He suggests media outlets build a direct relationship with their audience using AI.

“I think it’s about taking this huge technology that is freely available to us at very low cost, and using this technology to find and solve those user needs at scale,” he says.

"I think media companies don't do enough... I think the job of every journalist, every editor, and every person who works in the newsroom should be to go and have coffee with your users at least once a week. The things you learn about your company, about your content, about your business and about your job are staggering."

Nhật says that understanding what readers wanted was challenging, but thanks to AI tools to analyse reader data, it is now possible to understand the real needs of readers and determine the necessary topics.

Nhật says that journalism used to go in the wrong direction by overemphasising hot news, leading to reader fatigue and a tendency to avoid the news. Recently, thanks to surveys using AI tools, content has become simpler and more humane, aligning with viewer preferences such as summer recipes and autumn fashion trends.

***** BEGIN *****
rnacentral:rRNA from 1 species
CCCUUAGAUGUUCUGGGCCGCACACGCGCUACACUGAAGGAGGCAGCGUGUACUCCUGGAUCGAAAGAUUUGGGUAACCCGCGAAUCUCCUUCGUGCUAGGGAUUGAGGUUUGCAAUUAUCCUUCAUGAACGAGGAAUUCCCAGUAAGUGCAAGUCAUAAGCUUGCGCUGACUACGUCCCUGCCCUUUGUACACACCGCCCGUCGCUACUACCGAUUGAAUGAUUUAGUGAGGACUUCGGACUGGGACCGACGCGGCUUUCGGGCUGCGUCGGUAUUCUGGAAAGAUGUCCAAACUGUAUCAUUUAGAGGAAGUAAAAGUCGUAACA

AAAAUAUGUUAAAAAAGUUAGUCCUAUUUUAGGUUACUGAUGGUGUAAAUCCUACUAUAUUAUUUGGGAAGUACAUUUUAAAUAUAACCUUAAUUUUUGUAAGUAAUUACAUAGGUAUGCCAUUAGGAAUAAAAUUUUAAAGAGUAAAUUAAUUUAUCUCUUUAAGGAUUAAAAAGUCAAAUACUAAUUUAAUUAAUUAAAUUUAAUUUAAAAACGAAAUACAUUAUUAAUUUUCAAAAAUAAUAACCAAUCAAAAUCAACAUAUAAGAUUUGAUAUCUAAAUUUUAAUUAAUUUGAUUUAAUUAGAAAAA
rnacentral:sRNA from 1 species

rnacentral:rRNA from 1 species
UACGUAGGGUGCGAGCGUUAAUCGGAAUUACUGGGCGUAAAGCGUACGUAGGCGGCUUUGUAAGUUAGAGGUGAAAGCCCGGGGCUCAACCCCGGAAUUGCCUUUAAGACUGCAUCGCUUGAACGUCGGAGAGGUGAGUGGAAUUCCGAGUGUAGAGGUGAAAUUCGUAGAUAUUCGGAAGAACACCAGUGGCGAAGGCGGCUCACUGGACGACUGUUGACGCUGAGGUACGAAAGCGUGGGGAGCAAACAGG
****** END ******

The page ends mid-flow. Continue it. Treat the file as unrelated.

"When we conducted research on reader needs, we found that we often went in the wrong direction, focusing too much on hot news. But readers have a wide range of interests. Thanks to AI, we know exactly what readers want to read. AI is steering journalism in a more positive and humane direction," Nhật says.

"Today, the value of news is no longer measured by views or hits but by viewer interactions and emotional reactions," he adds.

The risks

AI has rapidly developed over the past two years, with the emergence of popular AI chatbots like ChatGPT, Gemini, and Copilot, as well as image and video creation applications like DALL-E and Sora. The intelligence of these chatbots and AI applications is undeniable. Users can request information retrieval, document summarisation, or even create themed images and dancing videos from a single photo with simple prompts.